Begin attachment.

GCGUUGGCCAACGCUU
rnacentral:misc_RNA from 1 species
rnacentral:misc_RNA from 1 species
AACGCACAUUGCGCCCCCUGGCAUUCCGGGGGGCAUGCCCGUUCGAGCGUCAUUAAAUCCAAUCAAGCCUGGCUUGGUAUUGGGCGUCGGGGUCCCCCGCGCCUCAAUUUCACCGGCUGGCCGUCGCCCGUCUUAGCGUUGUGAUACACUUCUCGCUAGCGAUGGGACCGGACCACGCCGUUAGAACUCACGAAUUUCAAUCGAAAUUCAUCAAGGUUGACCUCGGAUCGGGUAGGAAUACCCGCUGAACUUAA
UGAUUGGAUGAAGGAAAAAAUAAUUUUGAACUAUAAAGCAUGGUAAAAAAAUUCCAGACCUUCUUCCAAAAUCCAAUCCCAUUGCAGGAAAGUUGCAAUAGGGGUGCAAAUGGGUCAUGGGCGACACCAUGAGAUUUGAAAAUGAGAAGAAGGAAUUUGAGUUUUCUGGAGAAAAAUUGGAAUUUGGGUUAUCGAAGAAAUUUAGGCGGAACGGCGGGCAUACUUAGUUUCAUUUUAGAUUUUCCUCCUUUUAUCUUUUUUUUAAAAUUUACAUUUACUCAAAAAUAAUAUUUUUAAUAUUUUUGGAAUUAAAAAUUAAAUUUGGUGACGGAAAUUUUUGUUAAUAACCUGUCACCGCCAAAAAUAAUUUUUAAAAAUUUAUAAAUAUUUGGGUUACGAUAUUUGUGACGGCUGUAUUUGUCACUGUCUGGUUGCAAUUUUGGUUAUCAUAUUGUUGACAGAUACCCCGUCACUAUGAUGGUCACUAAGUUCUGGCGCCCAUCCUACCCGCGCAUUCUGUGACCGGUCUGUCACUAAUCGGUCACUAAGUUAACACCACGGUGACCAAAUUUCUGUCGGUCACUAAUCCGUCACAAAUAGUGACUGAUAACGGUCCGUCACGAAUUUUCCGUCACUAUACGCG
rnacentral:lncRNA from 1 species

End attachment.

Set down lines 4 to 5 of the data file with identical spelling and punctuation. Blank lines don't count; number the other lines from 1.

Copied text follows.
AACGCACAUUGCGCCCCCUGGCAUUCCGGGGGGCAUGCCCGUUCGAGCGUCAUUAAAUCCAAUCAAGCCUGGCUUGGUAUUGGGCGUCGGGGUCCCCCGCGCCUCAAUUUCACCGGCUGGCCGUCGCCCGUCUUAGCGUUGUGAUACACUUCUCGCUAGCGAUGGGACCGGACCACGCCGUUAGAACUCACGAAUUUCAAUCGAAAUUCAUCAAGGUUGACCUCGGAUCGGGUAGGAAUACCCGCUGAACUUAA
UGAUUGGAUGAAGGAAAAAAUAAUUUUGAACUAUAAAGCAUGGUAAAAAAAUUCCAGACCUUCUUCCAAAAUCCAAUCCCAUUGCAGGAAAGUUGCAAUAGGGGUGCAAAUGGGUCAUGGGCGACACCAUGAGAUUUGAAAAUGAGAAGAAGGAAUUUGAGUUUUCUGGAGAAAAAUUGGAAUUUGGGUUAUCGAAGAAAUUUAGGCGGAACGGCGGGCAUACUUAGUUUCAUUUUAGAUUUUCCUCCUUUUAUCUUUUUUUUAAAAUUUACAUUUACUCAAAAAUAAUAUUUUUAAUAUUUUUGGAAUUAAAAAUUAAAUUUGGUGACGGAAAUUUUUGUUAAUAACCUGUCACCGCCAAAAAUAAUUUUUAAAAAUUUAUAAAUAUUUGGGUUACGAUAUUUGUGACGGCUGUAUUUGUCACUGUCUGGUUGCAAUUUUGGUUAUCAUAUUGUUGACAGAUACCCCGUCACUAUGAUGGUCACUAAGUUCUGGCGCCCAUCCUACCCGCGCAUUCUGUGACCGGUCUGUCACUAAUCGGUCACUAAGUUAACACCACGGUGACCAAAUUUCUGUCGGUCACUAAUCCGUCACAAAUAGUGACUGAUAACGGUCCGUCACGAAUUUUCCGUCACUAUACGCG